J Trauma Acute Care Surg 2022 Jun 18;92(6):1020-1030. Epub 2022 Jan 18.
From the School of Medicine (I.B.), University of Tasmania, Launceston, Tasmania, Australia; Physical Therapy Department (I.B., K.S.), Launceston General Hospital, Launceston, Tasmania; Department of Physical Therapy (I.B., C.H., L.D.), The University of Melbourne, Melbourne; Faculty of Nursing, Medicine and Health Science (K.S.), School of Primary Health Care, Monash University, Frankston, Victoria; Department of Physical Therapy (C.H., R.H.), Princess Alexandra Hospital, Woolloongabba, Queensland; Physical therapy Department (B.W.), Northeast Health Wangaratta, Wangaratta, Victoria; Anaesthesia Perioperative and Pain Medicine Unit (D.S.), The University of Melbourne; Melbourne Clinical and Translational Science Research Platform (D.S.); and Peter McCallum Cancer Centre (L.D.), Allied Health Research, Melbourne, Australia.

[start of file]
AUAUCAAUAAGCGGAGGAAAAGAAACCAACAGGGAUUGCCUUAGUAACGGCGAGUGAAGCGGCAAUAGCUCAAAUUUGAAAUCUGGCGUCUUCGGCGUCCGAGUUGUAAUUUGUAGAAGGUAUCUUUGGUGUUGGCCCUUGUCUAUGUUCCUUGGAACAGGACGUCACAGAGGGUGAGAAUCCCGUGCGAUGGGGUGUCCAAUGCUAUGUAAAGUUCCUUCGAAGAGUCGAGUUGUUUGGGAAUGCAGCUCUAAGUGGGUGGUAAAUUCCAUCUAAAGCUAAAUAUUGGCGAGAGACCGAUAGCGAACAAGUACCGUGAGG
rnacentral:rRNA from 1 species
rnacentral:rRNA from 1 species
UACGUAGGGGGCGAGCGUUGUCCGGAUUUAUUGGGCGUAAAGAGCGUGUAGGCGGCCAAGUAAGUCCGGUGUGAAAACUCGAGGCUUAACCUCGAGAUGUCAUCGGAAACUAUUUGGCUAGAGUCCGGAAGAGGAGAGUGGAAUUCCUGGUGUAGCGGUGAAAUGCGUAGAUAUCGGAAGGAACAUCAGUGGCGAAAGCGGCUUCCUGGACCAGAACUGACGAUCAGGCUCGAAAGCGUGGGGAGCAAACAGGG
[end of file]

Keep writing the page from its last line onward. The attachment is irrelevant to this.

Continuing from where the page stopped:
Background: Postoperative pneumonia and delayed physical recovery are significant problems after emergency laparotomy. No randomized controlled trial has assessed the feasibility, safety, or effectiveness of intensive postoperative physical therapy in this high-risk acute population.
Methods: The internal pilot phase of the Incidence of Complications after Emergency Abdominal Surgery: Get Exercising (ICEAGE) trial was a prospective, randomized controlled trial that evaluated the feasibility, safety, and clinical trial processes of providing intensive physical therapy immediately following emergency laparotomy. Read More